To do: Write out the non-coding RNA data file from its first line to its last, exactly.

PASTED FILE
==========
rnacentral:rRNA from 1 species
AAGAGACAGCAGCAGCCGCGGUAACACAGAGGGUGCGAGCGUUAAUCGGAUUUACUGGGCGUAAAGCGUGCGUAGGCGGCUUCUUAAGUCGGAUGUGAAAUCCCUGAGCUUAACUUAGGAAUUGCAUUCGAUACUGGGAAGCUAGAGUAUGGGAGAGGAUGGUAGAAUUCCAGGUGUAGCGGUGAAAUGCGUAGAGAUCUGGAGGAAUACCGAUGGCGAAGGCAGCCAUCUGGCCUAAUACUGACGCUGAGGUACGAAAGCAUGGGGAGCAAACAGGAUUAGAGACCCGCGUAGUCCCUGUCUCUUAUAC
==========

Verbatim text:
rnacentral:rRNA from 1 species
AAGAGACAGCAGCAGCCGCGGUAACACAGAGGGUGCGAGCGUUAAUCGGAUUUACUGGGCGUAAAGCGUGCGUAGGCGGCUUCUUAAGUCGGAUGUGAAAUCCCUGAGCUUAACUUAGGAAUUGCAUUCGAUACUGGGAAGCUAGAGUAUGGGAGAGGAUGGUAGAAUUCCAGGUGUAGCGGUGAAAUGCGUAGAGAUCUGGAGGAAUACCGAUGGCGAAGGCAGCCAUCUGGCCUAAUACUGACGCUGAGGUACGAAAGCAUGGGGAGCAAACAGGAUUAGAGACCCGCGUAGUCCCUGUCUCUUAUAC